Written by: Abigail Megginson, C2C Class of 2017


Getting an internship with a Member of Congress in Washington, D.C. is a big deal. After the initial screams, smiles, and phone calls to parents, many students are left wondering how they can prepare months ahead of their flight to the capital. Now is the perfect time to begin building your knowledge about Congress so you’re more than prepared when you walk into the Capitol building your first day.

1. Pay attention to the News

Not knowing about current events is going to be a disadvantage. If you’re not already a news junkie, find a reliable publication or news organization where you can get the facts.

Also, think about where you get your news from. Are you a diehard Huffington Post subscriber or do you like to listen to the Ben Shapiro Show? Whatever kind of news you consume, find a way to keep updated. This way, you won’t be lost when the office you’re working with starts talking about legislation related to current events.

It’s also worthwhile to look at a different perspective. If you’re more of a Democrat, try reading some conservative news. And vice versa for Republicans. This will help you understand your friends across the aisle and foster bipartisan connections once you’re on the Hill. People will respect you for taking the time to understand their side of the argument.

2. Follow Hill Politics

It helps to know what’s happening on the Hill before you get there. Subscribe to emails from publications specifically for DC locals and Hill staffers. This includes The Hill, FamousDC, Politico's Roll Call, etc. You can sign up for email subscriptions or follow them on social media to have the news delivered to you.

The big difference between this and other news is its focus on the Capitol. You’ll get to know the names and faces of influential Members of Congress and what they stand for. All of this knowledge comes in handy when you’re on the Hill as an intern.

3. Revise your linkedin resume

LinkedIn is an amazing tool for networking. If you’re not already on LinkedIn, take the time to make an account and feature all of the incredible things you’re doing so Hill employers can see what you have to offer after your internship ends. Showcase any past internships or accomplishments and create a stellar summary. As you meet people during the summer, add them on LinkedIn so you can keep up with them and their accomplishments. They’ll also be able to keep up with yours.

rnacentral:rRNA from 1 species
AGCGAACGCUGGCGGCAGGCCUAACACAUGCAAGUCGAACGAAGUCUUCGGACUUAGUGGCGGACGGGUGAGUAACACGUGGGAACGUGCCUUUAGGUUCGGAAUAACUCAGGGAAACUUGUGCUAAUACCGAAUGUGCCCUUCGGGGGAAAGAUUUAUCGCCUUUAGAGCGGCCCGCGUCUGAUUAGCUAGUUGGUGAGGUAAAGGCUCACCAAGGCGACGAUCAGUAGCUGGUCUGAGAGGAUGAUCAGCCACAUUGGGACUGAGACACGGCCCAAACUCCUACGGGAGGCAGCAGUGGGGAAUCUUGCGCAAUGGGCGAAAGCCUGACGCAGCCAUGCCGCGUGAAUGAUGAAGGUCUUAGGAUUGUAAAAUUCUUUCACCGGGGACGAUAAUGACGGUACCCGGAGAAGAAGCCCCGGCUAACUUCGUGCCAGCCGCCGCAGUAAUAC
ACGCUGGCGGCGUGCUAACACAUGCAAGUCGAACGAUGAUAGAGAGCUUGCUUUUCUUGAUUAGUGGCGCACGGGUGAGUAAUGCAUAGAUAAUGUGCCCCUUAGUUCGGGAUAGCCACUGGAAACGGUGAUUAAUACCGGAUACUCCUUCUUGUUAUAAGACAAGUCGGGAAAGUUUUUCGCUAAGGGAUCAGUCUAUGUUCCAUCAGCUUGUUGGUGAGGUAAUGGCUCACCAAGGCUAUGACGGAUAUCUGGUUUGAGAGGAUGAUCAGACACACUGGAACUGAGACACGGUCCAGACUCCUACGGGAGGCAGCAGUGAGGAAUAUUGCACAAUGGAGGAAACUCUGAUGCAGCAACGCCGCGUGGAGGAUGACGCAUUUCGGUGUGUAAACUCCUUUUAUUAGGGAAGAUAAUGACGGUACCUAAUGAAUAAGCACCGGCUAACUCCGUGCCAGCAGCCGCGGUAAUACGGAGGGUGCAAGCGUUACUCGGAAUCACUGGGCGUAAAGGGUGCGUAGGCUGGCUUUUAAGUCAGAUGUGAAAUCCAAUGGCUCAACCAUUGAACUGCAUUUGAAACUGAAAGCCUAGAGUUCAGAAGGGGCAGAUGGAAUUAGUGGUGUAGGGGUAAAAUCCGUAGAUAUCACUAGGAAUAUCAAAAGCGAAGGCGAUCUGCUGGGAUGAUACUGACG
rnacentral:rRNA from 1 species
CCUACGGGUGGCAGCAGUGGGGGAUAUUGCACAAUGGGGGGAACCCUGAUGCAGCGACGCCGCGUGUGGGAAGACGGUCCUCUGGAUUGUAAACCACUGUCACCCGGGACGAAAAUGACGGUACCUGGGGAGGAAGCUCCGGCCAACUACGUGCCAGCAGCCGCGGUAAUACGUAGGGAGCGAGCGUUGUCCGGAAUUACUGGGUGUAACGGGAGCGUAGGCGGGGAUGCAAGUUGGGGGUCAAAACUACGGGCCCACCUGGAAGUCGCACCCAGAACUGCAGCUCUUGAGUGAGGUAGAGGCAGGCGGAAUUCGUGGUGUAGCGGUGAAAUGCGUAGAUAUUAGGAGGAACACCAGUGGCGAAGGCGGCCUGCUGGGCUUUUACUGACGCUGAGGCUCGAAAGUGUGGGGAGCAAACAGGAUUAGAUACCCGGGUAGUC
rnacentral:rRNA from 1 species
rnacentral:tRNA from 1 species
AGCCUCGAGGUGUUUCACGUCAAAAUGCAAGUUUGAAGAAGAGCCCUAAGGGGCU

4. Start saving a little money

With a program like C2C, you won’t have to worry about necessary expenses like housing and food. Our interns even have a clothing allowance! Still, relatives and friends are going to be expecting a couple souvenirs and you’ll want a memento to remember your summer, too! Stow away a few bucks to spend on some fun.

5. Read books (not textbooks!)

One of the best ways to prepare for a Hill internship is to expand your knowledge and dive deep into a subject with a good book. Find one that focuses on an election, policy issue, or historical character. Not only will you have something to talk about with fellow DC political nerds, you’ll be a bit more informed about how America’s political system operates.

6. Find a great podcast

Every college student should be listening to some kind of podcast on a regular basis. This serves as a great conversation piece that also expands your political knowledge. Find something that interests you that’s somewhat related to politics. This can be NPR’s Politics podcast or something more in-depth like “Vox’s In the Weeds.” There are a lot of fun podcasts. I promise you can find one that fits your interests! (P.S. - Lovett or Leave it is perfect for left-leaning students.)

7. Get on Twitter

And not just to follow C2C! Twitter is where a LOT of things happen in the political scene. One of the great things is how immediate it is. I once asked a journalist where she got her news, and she said Twitter! Twitter is often where news begins, and you can easily follow current events through hashtags. However, be careful about tweeting out your political opinions if your account isn’t private. Believe it or not, offices might not hire someone who shares views that are too controversial. Which leads to the next topic...

8. Stop writing about politics

You don’t know if your office has a strong position for or against a certain policy. It could hurt your chances of being accepted if they find you’ve written something too controversial. Writing an objective piece for your school paper can show your ability to see both sides of the story, but editorials and opinions might tarnish your reputation on the Hill. Best to shy away while you decide what you want to pursue after graduation.

9. Ask professors for advice

Your professors are always there for you. They’d be thrilled to hear you have an incredible internship and probably have plenty of advice to pass on to you. Set up an appointment and ask them questions about how to prepare. Their insight is priceless.

10. Enjoy the “now”

When I found out I was leaving to go to DC for a summer internship, I spent every day wishing I was on the airplane instead of studying for exams or sitting in class. Looking back, I wish I had appreciated where I was then and there. Take a late night trip to your favorite 24-hour food place with your best friends while you still can. Enjoy the moment and realize that in time, your internship will come. And soon enough it will all be over. It happens faster than you’d think!

Audrey Henson